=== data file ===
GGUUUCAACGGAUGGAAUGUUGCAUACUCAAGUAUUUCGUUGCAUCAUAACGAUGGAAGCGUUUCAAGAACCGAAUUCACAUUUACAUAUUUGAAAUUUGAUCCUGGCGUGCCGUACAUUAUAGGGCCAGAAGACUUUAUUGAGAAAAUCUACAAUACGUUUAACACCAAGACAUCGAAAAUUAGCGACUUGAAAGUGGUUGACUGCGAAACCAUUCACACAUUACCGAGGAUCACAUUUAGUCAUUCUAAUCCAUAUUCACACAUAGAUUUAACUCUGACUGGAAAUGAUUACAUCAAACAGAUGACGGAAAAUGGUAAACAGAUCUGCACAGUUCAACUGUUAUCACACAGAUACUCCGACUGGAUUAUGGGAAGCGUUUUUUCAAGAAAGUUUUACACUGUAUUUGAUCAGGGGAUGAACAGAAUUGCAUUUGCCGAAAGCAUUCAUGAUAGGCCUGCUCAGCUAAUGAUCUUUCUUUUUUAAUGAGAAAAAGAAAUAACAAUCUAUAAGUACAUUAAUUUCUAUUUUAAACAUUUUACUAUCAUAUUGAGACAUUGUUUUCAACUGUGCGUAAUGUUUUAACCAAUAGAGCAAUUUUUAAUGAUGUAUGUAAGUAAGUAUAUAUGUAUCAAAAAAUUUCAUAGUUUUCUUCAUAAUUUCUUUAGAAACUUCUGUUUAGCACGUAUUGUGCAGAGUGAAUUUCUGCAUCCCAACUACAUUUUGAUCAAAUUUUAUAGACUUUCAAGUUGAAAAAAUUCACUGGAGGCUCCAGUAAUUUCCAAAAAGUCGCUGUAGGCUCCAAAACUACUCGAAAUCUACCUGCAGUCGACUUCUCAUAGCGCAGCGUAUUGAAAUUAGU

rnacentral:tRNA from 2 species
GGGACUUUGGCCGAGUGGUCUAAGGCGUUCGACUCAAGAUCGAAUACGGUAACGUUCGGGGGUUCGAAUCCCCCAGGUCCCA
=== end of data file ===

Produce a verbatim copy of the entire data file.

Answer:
GGUUUCAACGGAUGGAAUGUUGCAUACUCAAGUAUUUCGUUGCAUCAUAACGAUGGAAGCGUUUCAAGAACCGAAUUCACAUUUACAUAUUUGAAAUUUGAUCCUGGCGUGCCGUACAUUAUAGGGCCAGAAGACUUUAUUGAGAAAAUCUACAAUACGUUUAACACCAAGACAUCGAAAAUUAGCGACUUGAAAGUGGUUGACUGCGAAACCAUUCACACAUUACCGAGGAUCACAUUUAGUCAUUCUAAUCCAUAUUCACACAUAGAUUUAACUCUGACUGGAAAUGAUUACAUCAAACAGAUGACGGAAAAUGGUAAACAGAUCUGCACAGUUCAACUGUUAUCACACAGAUACUCCGACUGGAUUAUGGGAAGCGUUUUUUCAAGAAAGUUUUACACUGUAUUUGAUCAGGGGAUGAACAGAAUUGCAUUUGCCGAAAGCAUUCAUGAUAGGCCUGCUCAGCUAAUGAUCUUUCUUUUUUAAUGAGAAAAAGAAAUAACAAUCUAUAAGUACAUUAAUUUCUAUUUUAAACAUUUUACUAUCAUAUUGAGACAUUGUUUUCAACUGUGCGUAAUGUUUUAACCAAUAGAGCAAUUUUUAAUGAUGUAUGUAAGUAAGUAUAUAUGUAUCAAAAAAUUUCAUAGUUUUCUUCAUAAUUUCUUUAGAAACUUCUGUUUAGCACGUAUUGUGCAGAGUGAAUUUCUGCAUCCCAACUACAUUUUGAUCAAAUUUUAUAGACUUUCAAGUUGAAAAAAUUCACUGGAGGCUCCAGUAAUUUCCAAAAAGUCGCUGUAGGCUCCAAAACUACUCGAAAUCUACCUGCAGUCGACUUCUCAUAGCGCAGCGUAUUGAAAUUAGU

rnacentral:tRNA from 2 species
GGGACUUUGGCCGAGUGGUCUAAGGCGUUCGACUCAAGAUCGAAUACGGUAACGUUCGGGGGUUCGAAUCCCCCAGGUCCCA